Sludge remains water concern

Published 12:00 am Saturday, October 21, 2000

City officials remain watchful of the thick coal sludge still threatening the Ohio River.

Saturday, October 21, 2000

City officials remain watchful of the thick coal sludge still threatening the Ohio River.

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"We thought it would already have been here but it’s still near the Big Sandy," said Jennifer Donahue, Ironton water superintendent.

"We’re keeping a watch on it daily," she said Saturday.

A rising stage on the Ohio River was preventing its quick flow from the Big Sandy into the Ohio.

The city plans to test a sample of the "black water" created by the sludge when it’s available.

"We’ll see how it settles, which gives us an indication of its treatability," Mrs. Donahue said. "And we’re staying in contact with Ashland, Ky., (water officials)."

Preliminary testing of water from the Big Sandy indicates the sludge is treatable by Ironton’s plant, she said.

So, although the city is taking a wait-and-see attitude, there is no reason to panic, she said.

If the worst happens – sludge so thick it cannot undergo the treatment process – Ironton will fall back on its three-day supply of water until the sludge passes in the Ohio, Mayor Bob Cleary said.

That has happened in several Kentucky communities that rely solely on the Big Sandy for drinking water. And West Virginia officials shut down the Kenova, W.Va., plant.

Ashland announced it would ferry water by barge upriver of the Big Sandy down to the treatment plant intake if necessary.

Since Oct. 11, work crews have been trying to clean up the molasses-like coal waste material – 250 million gallons of it – that leaked from a retention pond at Martin County Coal Corp.’s coal preparation plant in Inez, Ky.

The sludge oozed like black lava along two mountain streams into the Big Sandy River.

The spill is moving slowly downstream; its leading edge was detected Friday in the Ohio River, three miles downstream from the mouth of the Big Sandy.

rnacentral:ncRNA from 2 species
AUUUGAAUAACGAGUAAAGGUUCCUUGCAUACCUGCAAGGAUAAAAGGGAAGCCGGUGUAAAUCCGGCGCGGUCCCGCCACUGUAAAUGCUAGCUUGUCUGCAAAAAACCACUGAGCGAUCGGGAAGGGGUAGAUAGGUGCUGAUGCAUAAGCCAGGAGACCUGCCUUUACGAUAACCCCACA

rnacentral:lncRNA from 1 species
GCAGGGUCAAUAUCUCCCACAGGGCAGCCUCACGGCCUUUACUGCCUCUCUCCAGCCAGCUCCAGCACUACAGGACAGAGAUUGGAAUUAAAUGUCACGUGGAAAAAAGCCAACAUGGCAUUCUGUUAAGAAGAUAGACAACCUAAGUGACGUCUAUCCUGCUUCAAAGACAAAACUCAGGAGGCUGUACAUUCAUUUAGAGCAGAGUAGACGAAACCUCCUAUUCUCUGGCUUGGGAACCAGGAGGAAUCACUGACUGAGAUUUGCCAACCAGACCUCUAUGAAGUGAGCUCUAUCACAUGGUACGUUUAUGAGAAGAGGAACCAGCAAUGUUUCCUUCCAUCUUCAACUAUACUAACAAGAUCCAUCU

”The spill has only moved three miles in two days,” said Rhonda Barnes of the Ohio River Valley Water Sanitation Commission, an eight-state compact that monitors river pollutants.

”At this point, the effects on the Ohio River are unknown,” Mrs. Barnes said. ”We have never dealt with a spill of this magnitude.”

Investigators ”are still speculating on the cause,” said Mark Mackowiak, a Coast Guard petty officer and spokesman for the federal cleanup team.

The best explanation, so far, is that the settling pond collapsed into abandoned mine tunnels, he said.

Heavy metals – including mercury, lead, arsenic, copper and chromium – have been found in the sludge. The metals settle in ponds used to hold waste from the coal cleaning process.

The metals ”pose no hazard to public water supplies with full treatment,” Mackowiak said.

Unlike an oil spill, in which the pollutant floats on the water, the coal sludge has choked about 70 miles of waterways with a lava-like fluid, said Kentucky Natural Resources Secretary James Bickford.

Cleanup crews have tried vacuum trucks, makeshift dams using bales of straw as filters and skimming booms – all with limited success.

”Petroleum stays on top of the water. It can be skimmed; it can be ‘boomed,”’ Bickford said. ”This stuff is top to bottom, bank to bank.”

The suspended solids present the most pressing threat to water supplies, according to a news release issued by the federal and state response team.

”High turbidity levels can smother aquatic life,” the release said. It ”also has caused difficulty at water treatment facilities because the suspended material clogs the filter systems.”